Know that this is going to be a journey. The land didn’t get degraded overnight, so it won’t come back overnight. It takes time, persistence and management. However, it doesn’t take as much time as you might think. You’ve got to start somewhere, so don’t be afraid to start small. Just focus on what you can do, and work toward what you want to do. It’s direction over perfection.
For example, your grazing management might start by just shutting a gate or stringing up a few electric fences. You could integrate some other forage species into your bermudagrass and let the cows fertilize it naturally, at no extra cost to you.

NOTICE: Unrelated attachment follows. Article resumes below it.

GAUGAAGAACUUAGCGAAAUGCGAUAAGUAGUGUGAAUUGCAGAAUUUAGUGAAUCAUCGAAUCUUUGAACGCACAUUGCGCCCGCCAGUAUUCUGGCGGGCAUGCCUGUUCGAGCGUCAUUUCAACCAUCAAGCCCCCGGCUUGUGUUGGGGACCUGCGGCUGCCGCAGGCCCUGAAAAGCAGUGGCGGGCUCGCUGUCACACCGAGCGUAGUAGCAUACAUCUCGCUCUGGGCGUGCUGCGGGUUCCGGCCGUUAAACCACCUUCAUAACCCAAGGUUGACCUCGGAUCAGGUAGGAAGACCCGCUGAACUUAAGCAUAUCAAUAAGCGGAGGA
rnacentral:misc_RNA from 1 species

You’ve got to start somewhere, so don’t be afraid to start small. Just focus on what you can do, and work toward what you want to do. It’s direction over perfection.
Manage for outcomes you want to see. For example, if want to see big bluestem on the range again, know that it is highly dependent on mychorizial fungi. When you don’t have the fungi, you won’t have the grass. To attract the fungus, you’ll need to provide diverse root systems in the ground year-round and manage your grazing with rotations that allow for rest periods.
You’re not going to see change if you’re not managing for that particular change, so set your goals and do what you can to work toward them. Understand that we want to optimize production instead of maximizing it. That will allow us to optimize other important things, like soil and water quality.
And don’t give up. Talk to others who are on the journey, and know that moving in the right direction is a success.